As much as I wanted to find that perfect fit for my wildflower paintings, and I did narrow the list to a few possible galleries, I just did not feel at home there.
Another area on our must-visit list was Carefree. I'll admit it: Up until about 2 weeks before the trip I had never heard of this community. I ran into a friend while shopping, mentioned our upcoming trip to Phoenix, and she told me about Carefree. She said I had to go and so I did. And I'm glad I did.
In addition to all of the galleries, Scottsdale is home to not one but two huge, 10-week-long art shows held in big tents this time of year: Celebration of Art and Scottsdale Art Expo. Since both are a few miles apart and on the road back to our hotel in Mesa, we made a point to check them out. More than 100 artists are set up at each of the shows. Most not only display their art, which is for sale of course, but also demo and work in their temporary studio space. It was both inspiring and somewhat overwhelming to tour these two mega shows. It never ceases to amaze me at how much really good art there is in the world.
While at one of these shows, I got a call from Magda. The owner was, indeed, interested in talking with me about my wildflower art. We made an appointment to return to Carefree a few days later.
|Awesome view of Superstition Mountains along Apache Trail.|
|Church in downtown Phoenix.|
Sunday morning we headed into downtown Phoenix to enjoy the heart of the city at it best, when most of the offices and businesses are closed. This has become somewhat of a ritual with us when we are in or near a major metropolitan area. We like to walk the streets on a Sunday morning and find an old, historic church to visit, which we did. We then grabbed coffee at a local coffee shop, took a side trip though the downtown's arts district, and then headed out for our appointment in Carefree.
We met Holly, the owner and namesake of Wild Holly Gallery. By the end of the meeting we agreed to terms, Holly picked out paintings she wanted to start with and I told her I'd be packing and shipping the work once we were back home in Texas.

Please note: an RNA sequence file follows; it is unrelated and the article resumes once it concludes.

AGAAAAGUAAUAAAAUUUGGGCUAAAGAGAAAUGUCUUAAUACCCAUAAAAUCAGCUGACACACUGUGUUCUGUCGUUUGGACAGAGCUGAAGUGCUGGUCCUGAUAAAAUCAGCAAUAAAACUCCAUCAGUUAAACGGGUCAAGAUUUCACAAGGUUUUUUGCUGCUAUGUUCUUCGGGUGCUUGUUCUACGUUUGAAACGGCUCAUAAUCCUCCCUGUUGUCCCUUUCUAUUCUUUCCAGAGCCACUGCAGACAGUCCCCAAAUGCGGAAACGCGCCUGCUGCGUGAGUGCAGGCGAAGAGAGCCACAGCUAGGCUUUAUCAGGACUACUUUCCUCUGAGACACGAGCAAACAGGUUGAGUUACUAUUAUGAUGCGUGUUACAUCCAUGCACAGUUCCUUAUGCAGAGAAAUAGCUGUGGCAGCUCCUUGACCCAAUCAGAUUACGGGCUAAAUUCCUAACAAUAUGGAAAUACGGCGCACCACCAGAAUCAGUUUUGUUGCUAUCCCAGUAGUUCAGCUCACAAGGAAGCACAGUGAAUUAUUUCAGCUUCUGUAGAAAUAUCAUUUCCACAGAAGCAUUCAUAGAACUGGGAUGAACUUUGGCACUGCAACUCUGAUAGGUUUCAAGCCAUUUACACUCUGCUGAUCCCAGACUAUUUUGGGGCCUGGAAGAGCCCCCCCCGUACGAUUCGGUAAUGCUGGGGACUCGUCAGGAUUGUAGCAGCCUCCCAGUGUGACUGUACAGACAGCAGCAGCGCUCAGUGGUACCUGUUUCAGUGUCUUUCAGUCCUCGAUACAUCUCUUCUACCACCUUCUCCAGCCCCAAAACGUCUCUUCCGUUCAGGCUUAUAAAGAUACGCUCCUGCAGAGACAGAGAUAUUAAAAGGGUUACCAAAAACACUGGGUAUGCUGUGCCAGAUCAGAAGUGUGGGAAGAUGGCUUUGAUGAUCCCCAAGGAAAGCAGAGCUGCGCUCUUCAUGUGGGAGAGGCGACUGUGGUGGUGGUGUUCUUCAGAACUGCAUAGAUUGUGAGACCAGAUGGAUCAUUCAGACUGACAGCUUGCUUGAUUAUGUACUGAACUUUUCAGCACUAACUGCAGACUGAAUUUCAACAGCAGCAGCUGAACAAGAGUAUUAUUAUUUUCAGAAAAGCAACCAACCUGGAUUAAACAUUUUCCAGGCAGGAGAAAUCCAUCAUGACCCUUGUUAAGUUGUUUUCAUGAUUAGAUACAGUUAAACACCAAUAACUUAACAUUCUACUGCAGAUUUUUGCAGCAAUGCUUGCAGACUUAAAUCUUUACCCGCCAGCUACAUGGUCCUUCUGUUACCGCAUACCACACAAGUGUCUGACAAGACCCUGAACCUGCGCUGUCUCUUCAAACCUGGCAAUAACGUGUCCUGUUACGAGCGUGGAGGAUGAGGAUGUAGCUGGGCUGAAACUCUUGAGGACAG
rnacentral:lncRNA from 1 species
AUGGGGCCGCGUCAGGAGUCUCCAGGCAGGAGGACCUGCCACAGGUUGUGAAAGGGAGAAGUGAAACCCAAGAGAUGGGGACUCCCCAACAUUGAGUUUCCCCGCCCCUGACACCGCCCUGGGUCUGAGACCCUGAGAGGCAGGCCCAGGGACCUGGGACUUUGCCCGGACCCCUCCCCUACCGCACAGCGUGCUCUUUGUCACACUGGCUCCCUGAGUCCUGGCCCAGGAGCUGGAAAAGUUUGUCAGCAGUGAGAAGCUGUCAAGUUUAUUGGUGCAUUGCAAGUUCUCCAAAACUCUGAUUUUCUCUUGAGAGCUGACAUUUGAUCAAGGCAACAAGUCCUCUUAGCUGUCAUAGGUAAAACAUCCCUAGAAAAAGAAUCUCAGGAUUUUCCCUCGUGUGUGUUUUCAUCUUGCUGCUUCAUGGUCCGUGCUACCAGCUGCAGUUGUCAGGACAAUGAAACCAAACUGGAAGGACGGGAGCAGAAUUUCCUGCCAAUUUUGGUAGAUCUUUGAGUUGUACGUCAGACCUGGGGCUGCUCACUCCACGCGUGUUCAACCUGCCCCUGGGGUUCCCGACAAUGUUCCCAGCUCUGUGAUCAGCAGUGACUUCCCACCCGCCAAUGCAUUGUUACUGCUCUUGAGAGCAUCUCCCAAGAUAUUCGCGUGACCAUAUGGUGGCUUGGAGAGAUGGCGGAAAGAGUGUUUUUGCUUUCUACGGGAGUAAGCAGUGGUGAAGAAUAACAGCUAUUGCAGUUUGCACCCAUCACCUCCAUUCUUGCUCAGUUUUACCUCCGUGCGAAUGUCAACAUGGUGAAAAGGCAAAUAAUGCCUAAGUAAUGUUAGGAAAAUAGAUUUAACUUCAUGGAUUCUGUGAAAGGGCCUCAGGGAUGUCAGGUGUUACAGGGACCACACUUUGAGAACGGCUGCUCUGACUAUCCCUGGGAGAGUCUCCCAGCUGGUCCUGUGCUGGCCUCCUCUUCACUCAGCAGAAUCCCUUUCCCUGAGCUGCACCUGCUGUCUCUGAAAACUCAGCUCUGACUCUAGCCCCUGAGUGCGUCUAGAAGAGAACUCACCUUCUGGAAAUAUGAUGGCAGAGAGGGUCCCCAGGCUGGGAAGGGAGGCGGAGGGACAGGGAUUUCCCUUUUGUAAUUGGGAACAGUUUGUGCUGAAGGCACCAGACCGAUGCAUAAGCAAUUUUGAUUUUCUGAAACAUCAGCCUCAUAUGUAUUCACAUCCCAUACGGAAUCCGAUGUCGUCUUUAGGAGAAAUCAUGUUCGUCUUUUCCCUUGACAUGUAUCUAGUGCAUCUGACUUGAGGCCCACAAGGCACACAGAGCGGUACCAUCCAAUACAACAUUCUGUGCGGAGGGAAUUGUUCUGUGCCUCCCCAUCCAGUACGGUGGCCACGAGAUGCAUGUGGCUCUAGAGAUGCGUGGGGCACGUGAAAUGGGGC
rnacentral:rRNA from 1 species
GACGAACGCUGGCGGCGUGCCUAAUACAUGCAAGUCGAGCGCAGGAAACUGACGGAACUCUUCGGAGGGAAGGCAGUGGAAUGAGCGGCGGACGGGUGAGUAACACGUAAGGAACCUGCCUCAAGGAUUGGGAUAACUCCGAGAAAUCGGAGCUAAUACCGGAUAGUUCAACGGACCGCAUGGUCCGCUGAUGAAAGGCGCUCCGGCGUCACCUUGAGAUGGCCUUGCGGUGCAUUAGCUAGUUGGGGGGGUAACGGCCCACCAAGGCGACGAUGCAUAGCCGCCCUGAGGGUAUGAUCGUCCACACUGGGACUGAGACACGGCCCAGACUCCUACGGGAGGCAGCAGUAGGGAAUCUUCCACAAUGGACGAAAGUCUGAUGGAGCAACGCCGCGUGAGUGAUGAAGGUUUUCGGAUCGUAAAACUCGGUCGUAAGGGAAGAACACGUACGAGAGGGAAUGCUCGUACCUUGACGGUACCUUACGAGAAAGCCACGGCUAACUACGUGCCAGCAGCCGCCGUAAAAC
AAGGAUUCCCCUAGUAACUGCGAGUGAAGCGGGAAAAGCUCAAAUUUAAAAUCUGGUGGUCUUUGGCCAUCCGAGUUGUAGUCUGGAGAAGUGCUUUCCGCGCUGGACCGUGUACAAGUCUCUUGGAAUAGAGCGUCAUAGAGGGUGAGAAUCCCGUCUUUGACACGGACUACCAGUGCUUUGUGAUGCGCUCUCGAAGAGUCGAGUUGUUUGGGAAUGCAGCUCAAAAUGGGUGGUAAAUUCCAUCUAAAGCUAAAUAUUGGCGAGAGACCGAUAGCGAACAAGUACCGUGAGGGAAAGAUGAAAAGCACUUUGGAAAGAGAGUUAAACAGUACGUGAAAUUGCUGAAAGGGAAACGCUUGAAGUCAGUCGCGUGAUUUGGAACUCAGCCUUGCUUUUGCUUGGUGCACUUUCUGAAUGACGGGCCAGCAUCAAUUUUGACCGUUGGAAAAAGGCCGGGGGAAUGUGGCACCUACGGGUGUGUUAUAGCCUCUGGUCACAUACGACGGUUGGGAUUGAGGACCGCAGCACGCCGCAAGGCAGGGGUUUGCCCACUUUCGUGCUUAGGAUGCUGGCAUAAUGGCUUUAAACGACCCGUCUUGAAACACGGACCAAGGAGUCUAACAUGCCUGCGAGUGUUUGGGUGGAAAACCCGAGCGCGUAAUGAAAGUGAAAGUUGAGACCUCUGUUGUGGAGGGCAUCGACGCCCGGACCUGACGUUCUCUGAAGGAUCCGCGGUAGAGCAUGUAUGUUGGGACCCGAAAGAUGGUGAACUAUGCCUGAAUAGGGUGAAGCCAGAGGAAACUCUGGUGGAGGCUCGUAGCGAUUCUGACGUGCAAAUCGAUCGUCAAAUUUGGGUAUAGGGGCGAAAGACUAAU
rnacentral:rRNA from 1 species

|Holly and I pose for a photo in front of her wonderful gallery!|
We were down to one full day before we would be flying home to Texas and decided to head south of Phoenix to look at a few more galleries. In doing some online research, I came across the town of Tubac, which is located south of Tucson. Like Jerome, Tubac is an artists' community and one that I had never heard of before this trip. But unlike Jerome and Carefree, Tubac isn't even on a map! If you are looking for it on your iPad or phone, follow US19 out of Tucson. Once you get a little south of Amado, zoom into your map and you'll see some streets along the freeway, due west of Tumacacori. That's Tubac you are looking at. While it's not easily identified on a map, people find it. An interesting little bit of trivia: One of the people involved in designing the golf course there in 1959 was Bing Crosby.
|Wildflowers were already starting to bloom while we in Arizona.|
As the day was drawing to a close, we decided to hit last one gallery on my list from Tucson. We made it just before they closed and had a wonderful visit. However, we soon learned that this some gallery had a location in Scottsdale, which would be a conflict with our new Carefree gallery. We will visit other galleries in Tucson on a future trip to see what other connections we might make. As we left Tucson, we were treated to the most amazing sunset! What a perfect last day for what was an amazing trip!
|Sunset near Tucson, AZ.|
We've been home now for a few weeks and we're already planning our next trip to Arizona, hoping to make it back in time to see the wildflowers in bloom. Thank you for reading about this journey. Sharing these "reflections" of our trips, shows and gallery visits have become somewhat of a tradition. If you scroll through my blog posts, you'll see past trips that I've written about. Enjoy!